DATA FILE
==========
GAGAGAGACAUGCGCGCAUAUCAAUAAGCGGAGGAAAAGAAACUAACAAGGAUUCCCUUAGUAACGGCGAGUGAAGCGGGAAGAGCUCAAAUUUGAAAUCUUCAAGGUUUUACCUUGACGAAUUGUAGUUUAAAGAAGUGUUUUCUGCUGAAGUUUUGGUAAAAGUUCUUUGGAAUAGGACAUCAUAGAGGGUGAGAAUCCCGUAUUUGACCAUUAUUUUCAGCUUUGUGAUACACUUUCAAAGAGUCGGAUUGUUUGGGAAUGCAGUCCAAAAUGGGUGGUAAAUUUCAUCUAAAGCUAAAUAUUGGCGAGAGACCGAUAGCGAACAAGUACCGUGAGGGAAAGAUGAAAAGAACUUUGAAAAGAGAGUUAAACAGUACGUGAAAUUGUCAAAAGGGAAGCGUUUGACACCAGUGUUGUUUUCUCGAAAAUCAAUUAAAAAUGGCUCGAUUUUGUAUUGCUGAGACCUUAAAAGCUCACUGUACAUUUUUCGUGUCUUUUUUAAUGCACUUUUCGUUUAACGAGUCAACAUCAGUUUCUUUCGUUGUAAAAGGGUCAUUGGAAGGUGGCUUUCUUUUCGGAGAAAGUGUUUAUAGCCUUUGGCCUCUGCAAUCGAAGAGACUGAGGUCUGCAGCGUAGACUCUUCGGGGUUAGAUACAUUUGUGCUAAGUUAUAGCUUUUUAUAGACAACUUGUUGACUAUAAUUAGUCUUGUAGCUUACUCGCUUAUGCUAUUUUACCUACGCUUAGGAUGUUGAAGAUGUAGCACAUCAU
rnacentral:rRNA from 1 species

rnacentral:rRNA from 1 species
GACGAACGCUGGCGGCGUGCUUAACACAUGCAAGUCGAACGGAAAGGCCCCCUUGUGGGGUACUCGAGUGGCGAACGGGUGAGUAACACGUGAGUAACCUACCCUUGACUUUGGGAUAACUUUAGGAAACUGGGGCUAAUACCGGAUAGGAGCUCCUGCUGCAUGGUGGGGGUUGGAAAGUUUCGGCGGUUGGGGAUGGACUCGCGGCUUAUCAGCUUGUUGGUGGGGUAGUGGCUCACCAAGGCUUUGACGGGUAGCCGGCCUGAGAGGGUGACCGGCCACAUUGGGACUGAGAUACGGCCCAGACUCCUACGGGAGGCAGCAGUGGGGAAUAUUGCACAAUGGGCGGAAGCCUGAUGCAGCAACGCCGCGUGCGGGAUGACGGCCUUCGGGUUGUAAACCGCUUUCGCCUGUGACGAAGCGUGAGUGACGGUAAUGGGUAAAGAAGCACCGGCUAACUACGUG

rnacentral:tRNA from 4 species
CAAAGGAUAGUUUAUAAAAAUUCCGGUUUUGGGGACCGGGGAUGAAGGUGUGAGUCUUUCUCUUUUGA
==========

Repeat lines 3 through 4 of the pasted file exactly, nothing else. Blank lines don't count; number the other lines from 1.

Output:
rnacentral:rRNA from 1 species
GACGAACGCUGGCGGCGUGCUUAACACAUGCAAGUCGAACGGAAAGGCCCCCUUGUGGGGUACUCGAGUGGCGAACGGGUGAGUAACACGUGAGUAACCUACCCUUGACUUUGGGAUAACUUUAGGAAACUGGGGCUAAUACCGGAUAGGAGCUCCUGCUGCAUGGUGGGGGUUGGAAAGUUUCGGCGGUUGGGGAUGGACUCGCGGCUUAUCAGCUUGUUGGUGGGGUAGUGGCUCACCAAGGCUUUGACGGGUAGCCGGCCUGAGAGGGUGACCGGCCACAUUGGGACUGAGAUACGGCCCAGACUCCUACGGGAGGCAGCAGUGGGGAAUAUUGCACAAUGGGCGGAAGCCUGAUGCAGCAACGCCGCGUGCGGGAUGACGGCCUUCGGGUUGUAAACCGCUUUCGCCUGUGACGAAGCGUGAGUGACGGUAAUGGGUAAAGAAGCACCGGCUAACUACGUG